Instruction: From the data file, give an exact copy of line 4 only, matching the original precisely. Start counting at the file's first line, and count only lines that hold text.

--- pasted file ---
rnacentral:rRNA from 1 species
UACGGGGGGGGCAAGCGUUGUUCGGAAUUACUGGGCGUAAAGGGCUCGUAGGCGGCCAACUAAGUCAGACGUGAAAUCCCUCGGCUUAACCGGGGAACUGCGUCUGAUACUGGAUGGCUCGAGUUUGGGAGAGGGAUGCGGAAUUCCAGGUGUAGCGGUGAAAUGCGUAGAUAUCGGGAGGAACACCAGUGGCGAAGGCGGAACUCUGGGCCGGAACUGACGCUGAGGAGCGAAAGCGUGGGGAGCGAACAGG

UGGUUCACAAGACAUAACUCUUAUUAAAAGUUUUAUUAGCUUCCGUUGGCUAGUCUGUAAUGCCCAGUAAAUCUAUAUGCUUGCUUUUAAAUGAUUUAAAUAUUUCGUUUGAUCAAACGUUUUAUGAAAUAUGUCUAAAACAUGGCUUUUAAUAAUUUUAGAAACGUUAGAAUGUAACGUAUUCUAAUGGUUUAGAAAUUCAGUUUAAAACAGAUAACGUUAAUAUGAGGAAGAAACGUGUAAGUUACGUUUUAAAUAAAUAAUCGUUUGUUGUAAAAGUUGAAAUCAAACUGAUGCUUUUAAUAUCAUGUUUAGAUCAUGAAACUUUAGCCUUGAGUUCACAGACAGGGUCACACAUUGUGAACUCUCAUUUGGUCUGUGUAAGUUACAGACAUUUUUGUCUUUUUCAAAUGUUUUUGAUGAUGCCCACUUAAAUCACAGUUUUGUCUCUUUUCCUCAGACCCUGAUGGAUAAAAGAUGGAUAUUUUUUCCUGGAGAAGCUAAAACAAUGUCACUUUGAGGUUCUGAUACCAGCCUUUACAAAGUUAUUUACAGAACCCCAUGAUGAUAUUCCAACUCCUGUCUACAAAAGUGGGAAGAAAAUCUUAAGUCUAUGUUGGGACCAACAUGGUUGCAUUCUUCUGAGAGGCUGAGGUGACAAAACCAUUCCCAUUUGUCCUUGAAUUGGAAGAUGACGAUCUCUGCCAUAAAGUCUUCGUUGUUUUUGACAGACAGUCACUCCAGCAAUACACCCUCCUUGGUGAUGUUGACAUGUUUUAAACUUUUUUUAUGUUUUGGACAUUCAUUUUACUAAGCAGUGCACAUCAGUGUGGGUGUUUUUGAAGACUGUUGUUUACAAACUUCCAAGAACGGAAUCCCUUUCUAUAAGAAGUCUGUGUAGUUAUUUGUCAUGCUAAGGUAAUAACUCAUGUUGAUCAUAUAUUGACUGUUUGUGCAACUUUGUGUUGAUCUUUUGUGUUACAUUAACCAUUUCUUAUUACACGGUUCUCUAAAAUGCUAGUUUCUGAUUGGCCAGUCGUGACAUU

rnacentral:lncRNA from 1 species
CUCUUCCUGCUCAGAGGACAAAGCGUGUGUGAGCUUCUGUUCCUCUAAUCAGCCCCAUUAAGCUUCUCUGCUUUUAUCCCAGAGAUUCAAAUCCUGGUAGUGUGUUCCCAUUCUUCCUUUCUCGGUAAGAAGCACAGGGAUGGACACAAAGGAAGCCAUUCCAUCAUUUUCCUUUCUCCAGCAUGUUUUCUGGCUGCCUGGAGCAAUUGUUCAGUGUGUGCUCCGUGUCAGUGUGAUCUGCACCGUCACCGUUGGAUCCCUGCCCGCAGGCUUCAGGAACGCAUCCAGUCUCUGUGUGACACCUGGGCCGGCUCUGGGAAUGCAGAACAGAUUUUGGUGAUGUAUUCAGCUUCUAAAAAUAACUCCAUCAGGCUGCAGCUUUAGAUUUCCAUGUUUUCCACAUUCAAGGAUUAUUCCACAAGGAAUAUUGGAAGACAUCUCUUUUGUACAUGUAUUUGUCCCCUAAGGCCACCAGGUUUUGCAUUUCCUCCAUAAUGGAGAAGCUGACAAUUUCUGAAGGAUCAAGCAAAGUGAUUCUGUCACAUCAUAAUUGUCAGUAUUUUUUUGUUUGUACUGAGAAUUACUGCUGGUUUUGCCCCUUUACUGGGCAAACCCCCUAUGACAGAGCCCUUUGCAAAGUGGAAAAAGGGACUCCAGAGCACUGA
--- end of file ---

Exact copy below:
rnacentral:lncRNA from 1 species